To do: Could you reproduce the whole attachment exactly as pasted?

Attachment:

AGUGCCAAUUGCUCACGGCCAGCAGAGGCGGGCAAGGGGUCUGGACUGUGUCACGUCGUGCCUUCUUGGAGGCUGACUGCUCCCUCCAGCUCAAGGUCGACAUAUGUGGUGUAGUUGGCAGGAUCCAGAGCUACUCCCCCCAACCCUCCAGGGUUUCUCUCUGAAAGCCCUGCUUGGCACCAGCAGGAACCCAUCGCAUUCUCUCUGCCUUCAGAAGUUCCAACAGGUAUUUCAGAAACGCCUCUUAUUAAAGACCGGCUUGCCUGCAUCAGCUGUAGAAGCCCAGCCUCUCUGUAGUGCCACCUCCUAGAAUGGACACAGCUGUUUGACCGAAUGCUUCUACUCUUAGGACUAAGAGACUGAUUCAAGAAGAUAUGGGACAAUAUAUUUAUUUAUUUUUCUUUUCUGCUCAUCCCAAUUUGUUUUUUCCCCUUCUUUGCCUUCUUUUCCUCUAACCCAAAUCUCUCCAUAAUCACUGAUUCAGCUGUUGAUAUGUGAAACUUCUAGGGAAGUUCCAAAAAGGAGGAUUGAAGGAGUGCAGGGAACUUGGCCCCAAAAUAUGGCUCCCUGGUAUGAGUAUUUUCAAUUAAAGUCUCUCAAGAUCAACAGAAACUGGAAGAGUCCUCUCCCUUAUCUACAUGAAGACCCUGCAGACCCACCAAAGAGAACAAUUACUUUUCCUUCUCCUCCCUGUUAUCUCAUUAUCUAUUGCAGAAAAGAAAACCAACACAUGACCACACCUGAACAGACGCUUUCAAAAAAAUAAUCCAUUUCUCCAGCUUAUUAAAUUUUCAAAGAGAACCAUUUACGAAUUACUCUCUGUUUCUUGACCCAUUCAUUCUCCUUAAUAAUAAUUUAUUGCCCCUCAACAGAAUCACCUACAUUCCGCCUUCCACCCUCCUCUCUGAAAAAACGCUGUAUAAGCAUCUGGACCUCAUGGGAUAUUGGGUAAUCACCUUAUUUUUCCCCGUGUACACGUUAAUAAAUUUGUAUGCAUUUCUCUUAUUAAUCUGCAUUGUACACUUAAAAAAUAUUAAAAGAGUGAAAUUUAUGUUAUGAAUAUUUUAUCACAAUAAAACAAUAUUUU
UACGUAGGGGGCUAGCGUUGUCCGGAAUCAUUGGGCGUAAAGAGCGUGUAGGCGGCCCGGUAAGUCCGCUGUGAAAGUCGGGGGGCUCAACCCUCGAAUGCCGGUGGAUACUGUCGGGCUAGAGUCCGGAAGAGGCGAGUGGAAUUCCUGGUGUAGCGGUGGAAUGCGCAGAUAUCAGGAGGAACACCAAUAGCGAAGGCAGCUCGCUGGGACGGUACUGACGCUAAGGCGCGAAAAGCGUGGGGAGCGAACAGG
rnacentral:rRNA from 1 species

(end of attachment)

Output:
AGUGCCAAUUGCUCACGGCCAGCAGAGGCGGGCAAGGGGUCUGGACUGUGUCACGUCGUGCCUUCUUGGAGGCUGACUGCUCCCUCCAGCUCAAGGUCGACAUAUGUGGUGUAGUUGGCAGGAUCCAGAGCUACUCCCCCCAACCCUCCAGGGUUUCUCUCUGAAAGCCCUGCUUGGCACCAGCAGGAACCCAUCGCAUUCUCUCUGCCUUCAGAAGUUCCAACAGGUAUUUCAGAAACGCCUCUUAUUAAAGACCGGCUUGCCUGCAUCAGCUGUAGAAGCCCAGCCUCUCUGUAGUGCCACCUCCUAGAAUGGACACAGCUGUUUGACCGAAUGCUUCUACUCUUAGGACUAAGAGACUGAUUCAAGAAGAUAUGGGACAAUAUAUUUAUUUAUUUUUCUUUUCUGCUCAUCCCAAUUUGUUUUUUCCCCUUCUUUGCCUUCUUUUCCUCUAACCCAAAUCUCUCCAUAAUCACUGAUUCAGCUGUUGAUAUGUGAAACUUCUAGGGAAGUUCCAAAAAGGAGGAUUGAAGGAGUGCAGGGAACUUGGCCCCAAAAUAUGGCUCCCUGGUAUGAGUAUUUUCAAUUAAAGUCUCUCAAGAUCAACAGAAACUGGAAGAGUCCUCUCCCUUAUCUACAUGAAGACCCUGCAGACCCACCAAAGAGAACAAUUACUUUUCCUUCUCCUCCCUGUUAUCUCAUUAUCUAUUGCAGAAAAGAAAACCAACACAUGACCACACCUGAACAGACGCUUUCAAAAAAAUAAUCCAUUUCUCCAGCUUAUUAAAUUUUCAAAGAGAACCAUUUACGAAUUACUCUCUGUUUCUUGACCCAUUCAUUCUCCUUAAUAAUAAUUUAUUGCCCCUCAACAGAAUCACCUACAUUCCGCCUUCCACCCUCCUCUCUGAAAAAACGCUGUAUAAGCAUCUGGACCUCAUGGGAUAUUGGGUAAUCACCUUAUUUUUCCCCGUGUACACGUUAAUAAAUUUGUAUGCAUUUCUCUUAUUAAUCUGCAUUGUACACUUAAAAAAUAUUAAAAGAGUGAAAUUUAUGUUAUGAAUAUUUUAUCACAAUAAAACAAUAUUUU
UACGUAGGGGGCUAGCGUUGUCCGGAAUCAUUGGGCGUAAAGAGCGUGUAGGCGGCCCGGUAAGUCCGCUGUGAAAGUCGGGGGGCUCAACCCUCGAAUGCCGGUGGAUACUGUCGGGCUAGAGUCCGGAAGAGGCGAGUGGAAUUCCUGGUGUAGCGGUGGAAUGCGCAGAUAUCAGGAGGAACACCAAUAGCGAAGGCAGCUCGCUGGGACGGUACUGACGCUAAGGCGCGAAAAGCGUGGGGAGCGAACAGG
rnacentral:rRNA from 1 species